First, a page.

On April 25th at the Gathering, The Journey brought us to look into why Jesus had to die. We had a few passages of Scripture and divided them among three groups, who looked them up and listened to what God might be saying to us about them. When we got back together, we were all in awe of how the Spirit of God had spoken to us – we were energized by the power of God and how He had set up so many events in history to speak of the meaning of Jesus’s sacrifice.

If you would like to follow our Journey through Scripture on this topic and see what God might say to you, here are the Scriptures for the last two weeks in May:

Week Three – Fulfillment of the Law:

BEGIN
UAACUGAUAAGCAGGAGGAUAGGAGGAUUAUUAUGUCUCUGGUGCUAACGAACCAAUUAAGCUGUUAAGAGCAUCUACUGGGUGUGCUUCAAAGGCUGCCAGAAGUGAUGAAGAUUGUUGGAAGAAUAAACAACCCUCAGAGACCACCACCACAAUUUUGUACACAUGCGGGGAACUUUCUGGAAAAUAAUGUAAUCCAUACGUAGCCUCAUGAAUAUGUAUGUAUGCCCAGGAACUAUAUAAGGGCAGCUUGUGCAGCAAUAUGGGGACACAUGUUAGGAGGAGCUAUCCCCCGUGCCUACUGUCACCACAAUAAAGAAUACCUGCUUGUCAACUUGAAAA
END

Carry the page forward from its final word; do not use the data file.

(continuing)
(1) Jesus fulfilled the requirement of the law, that sin results in death, but since He had no sin, His payment could be applied to us. He drank our cup of judgment, and gave us His cup of “blessing”. (Matt. 20:22, 26:39, John 18:11, 1Cor. 10:16)
(2) Jesus as Son of Man and Son of God holds both delegated dominion and effective dominion in this world (Matt. 28:18).
(3) Through His perfect sacrifice He prepared us for adoption (Galatians 4:8ff) and restored our spiritual dominion/authority in this world (Ephesians 2:6).

Week Four – The Lamb of God has Unique Authority
(1) Jesus identified as the Lamb of God (John 1:29)
(2) Jesus worshipped as the Lamb who is Worthy (Rev 5:12)

We will be jumping into a new topic starting May 30 at our Gathering in the City Park in Cambridge (5 to 8 p.m.) – “HEALING & ADDICTION” . All are welcome to hang out with us there!